Allen County could join lawsuits against Big Pharma

By J Swygart -

LIMA — Allen County has everything to gain and nothing to lose by joining forces with surrounding counties in the filing of a lawsuit in federal court against “Big Pharma” as part of the ongoing effort to stem the national opioid epidemic.

That’s the message Allen County Prosecuting Attorney Juergen Waldick intends to convey to the Allen County Board of Commissioners in coming weeks. He said Tuesday that the possibility of such a lawsuit has already been discussed.

Nearly one-third of Ohio counties and several individual communities have filed suits against the manufacturers and distributors of opioid painkillers. Those lawsuits, along with similar suits filed in Alabama, California, Illinois, Kentucky, Washington and West Virginia, will be heard by a federal judge, presumably later this year.

The Associated Press reported Tuesday that more than 250 such claims filed in federal courts across the country have been consolidated under Judge Dan Polster, who is based in Cleveland. Polster has called the epidemic “100 percent man-made” and asserted that other branches of government have “punted” on solving it. He is pushing for a resolution before the case goes to trial.

He has invited many parties to the table, including ones that technically do not have cases under his watch. Addiction experts are scheduled to address the lawyers on Wednesday.

The judge asked Ohio Attorney General Mike DeWine to represent a group of at least nine states that have sued the industry in state courts. He also invited representatives of a group of about 40 state attorneys general that have not sued but have joined together to investigate the industry; at least one state attorney general from that group, Tennessee’s Herbert Slatery III, was planning to be there. That group already has had some settlement talks with companies.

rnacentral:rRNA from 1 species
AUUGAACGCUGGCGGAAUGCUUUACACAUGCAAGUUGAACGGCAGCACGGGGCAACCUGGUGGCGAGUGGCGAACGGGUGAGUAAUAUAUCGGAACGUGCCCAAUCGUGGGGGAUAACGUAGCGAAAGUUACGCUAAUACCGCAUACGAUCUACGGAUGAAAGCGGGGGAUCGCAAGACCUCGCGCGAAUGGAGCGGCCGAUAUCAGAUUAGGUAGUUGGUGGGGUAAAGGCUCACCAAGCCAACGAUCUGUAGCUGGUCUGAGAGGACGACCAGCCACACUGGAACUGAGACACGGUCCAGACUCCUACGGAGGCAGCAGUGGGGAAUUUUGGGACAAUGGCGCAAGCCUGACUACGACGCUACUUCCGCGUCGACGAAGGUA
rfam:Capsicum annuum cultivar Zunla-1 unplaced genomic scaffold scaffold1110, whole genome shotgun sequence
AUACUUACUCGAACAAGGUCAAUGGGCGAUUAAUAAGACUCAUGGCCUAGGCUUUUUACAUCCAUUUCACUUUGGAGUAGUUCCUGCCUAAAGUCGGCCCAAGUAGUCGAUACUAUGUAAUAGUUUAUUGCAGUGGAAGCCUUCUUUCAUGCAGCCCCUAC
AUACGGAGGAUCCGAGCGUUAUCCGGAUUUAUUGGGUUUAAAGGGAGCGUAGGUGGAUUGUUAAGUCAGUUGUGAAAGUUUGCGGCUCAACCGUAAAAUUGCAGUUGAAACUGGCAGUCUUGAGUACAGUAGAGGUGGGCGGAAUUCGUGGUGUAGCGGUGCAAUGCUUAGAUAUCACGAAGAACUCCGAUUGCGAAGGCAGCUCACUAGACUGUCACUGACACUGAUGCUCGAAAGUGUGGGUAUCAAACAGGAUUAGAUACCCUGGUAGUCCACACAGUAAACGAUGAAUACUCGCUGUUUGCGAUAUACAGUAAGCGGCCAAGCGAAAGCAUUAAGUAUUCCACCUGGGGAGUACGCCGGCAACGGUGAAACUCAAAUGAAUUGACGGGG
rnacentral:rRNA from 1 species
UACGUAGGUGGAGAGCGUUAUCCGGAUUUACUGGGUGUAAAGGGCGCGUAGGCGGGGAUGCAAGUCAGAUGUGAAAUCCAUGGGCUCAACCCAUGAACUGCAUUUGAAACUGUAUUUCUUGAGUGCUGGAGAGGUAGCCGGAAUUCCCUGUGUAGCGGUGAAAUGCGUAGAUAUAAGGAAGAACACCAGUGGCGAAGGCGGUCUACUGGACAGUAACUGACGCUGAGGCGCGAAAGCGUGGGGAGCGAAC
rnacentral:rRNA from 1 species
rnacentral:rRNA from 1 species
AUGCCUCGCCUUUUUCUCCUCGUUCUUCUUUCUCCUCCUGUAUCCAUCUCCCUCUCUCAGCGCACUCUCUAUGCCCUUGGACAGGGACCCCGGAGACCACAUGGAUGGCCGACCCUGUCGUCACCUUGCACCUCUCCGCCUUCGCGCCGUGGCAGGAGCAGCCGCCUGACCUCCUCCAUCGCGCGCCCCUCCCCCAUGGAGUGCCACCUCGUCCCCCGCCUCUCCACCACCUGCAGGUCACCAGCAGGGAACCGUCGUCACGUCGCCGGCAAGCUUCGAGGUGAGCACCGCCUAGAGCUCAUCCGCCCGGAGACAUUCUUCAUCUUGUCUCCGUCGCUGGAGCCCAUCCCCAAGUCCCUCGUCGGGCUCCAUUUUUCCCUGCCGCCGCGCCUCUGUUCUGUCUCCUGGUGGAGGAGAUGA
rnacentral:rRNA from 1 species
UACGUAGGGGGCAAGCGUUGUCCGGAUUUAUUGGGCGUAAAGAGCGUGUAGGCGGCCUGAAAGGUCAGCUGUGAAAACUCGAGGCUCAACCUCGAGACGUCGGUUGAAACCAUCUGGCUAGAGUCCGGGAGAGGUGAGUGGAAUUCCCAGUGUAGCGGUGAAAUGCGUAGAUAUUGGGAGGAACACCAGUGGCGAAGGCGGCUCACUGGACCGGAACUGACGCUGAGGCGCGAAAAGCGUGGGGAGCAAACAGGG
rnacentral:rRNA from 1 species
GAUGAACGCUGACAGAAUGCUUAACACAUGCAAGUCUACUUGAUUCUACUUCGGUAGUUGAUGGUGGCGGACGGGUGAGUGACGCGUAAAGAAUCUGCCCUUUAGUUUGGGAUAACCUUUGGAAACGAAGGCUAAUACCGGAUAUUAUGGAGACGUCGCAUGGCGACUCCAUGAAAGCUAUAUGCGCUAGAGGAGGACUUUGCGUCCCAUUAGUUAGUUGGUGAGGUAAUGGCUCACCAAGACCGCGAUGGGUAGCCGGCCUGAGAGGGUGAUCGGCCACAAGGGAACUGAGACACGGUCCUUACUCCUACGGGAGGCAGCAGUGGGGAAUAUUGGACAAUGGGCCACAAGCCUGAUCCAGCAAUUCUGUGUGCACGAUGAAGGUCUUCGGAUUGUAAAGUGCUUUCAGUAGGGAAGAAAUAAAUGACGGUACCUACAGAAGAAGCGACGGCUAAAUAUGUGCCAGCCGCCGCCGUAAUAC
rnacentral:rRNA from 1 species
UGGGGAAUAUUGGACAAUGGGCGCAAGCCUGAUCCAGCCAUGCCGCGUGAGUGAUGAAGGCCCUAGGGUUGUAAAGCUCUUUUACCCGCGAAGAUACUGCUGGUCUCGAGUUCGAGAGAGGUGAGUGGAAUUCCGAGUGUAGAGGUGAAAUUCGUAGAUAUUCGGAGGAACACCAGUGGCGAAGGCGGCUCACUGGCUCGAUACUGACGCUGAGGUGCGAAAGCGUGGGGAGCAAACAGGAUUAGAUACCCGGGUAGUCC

Additionally, officials with the federal Drug Enforcement Agency and the U.S. Food and Drug Administration are being asked to head to Cleveland, as are representatives of insurance companies and the firms that are defendants in the lawsuits.

The U.S. Centers for Disease Control and Prevention says 42,000 people died of overdoses in 2016 from opioids, a class of drug that includes powerful prescription painkillers such as OxyContin and Vicodin, illegal heroin and fentanyl, a strong synthetic drug sold both through prescriptions and on the street.

For the drug industry, it could be easier to enter into one massive settlement than deal with hundreds of claims before multiple judges. For governments, working together may represent the best chance of not only getting money to pay for treatment and other costs related to the epidemic but also to force reforms.

Perhaps the most comparable example of such a sweeping settlement over a public health epidemic came in 1998, when the four largest tobacco companies agreed to pay 46 states more than $200 billion over 25 years. The money was to fund public health programs and anti-smoking campaigns.

No cost to the county

While the overall tenor of the lawsuits to be held in federal court in Cleveland is the belief that drug manufacturers downplayed the risk of opioid use and therefore bear a certain financial responsibility in helping communities fund the after-effects of the opioid crisis, Waldick said each lawsuit addresses topics specific to their community and are not considered to be class-action filings.

He said talks are underway with officials in Van Wert and Auglaize Counties about the possibility of joining forces and filing a lawsuit in federal court.

“We hope to have a decision in the next three or four weeks,” said Waldick, who noted that the final decision lies with the county commissioners in each county.

The prosecutor said the lawsuit could be filed at no cost to the county, but did note that private legal counsel would need to be secured to user the suit through the legal process. Attorneys would be paid out of any settlement funds received by the counties.

Waldick said no “hard decisions have been made yet” surrounding the multi-county lawsuit, but he added that local authorities “need to get on the ball within the next month” if the suit is to proceed.

By J Swygart

The Associated Press contributed to this report. Reach J Swygart at 567-242-0464.

The Associated Press contributed to this report. Reach J Swygart at 567-242-0464.

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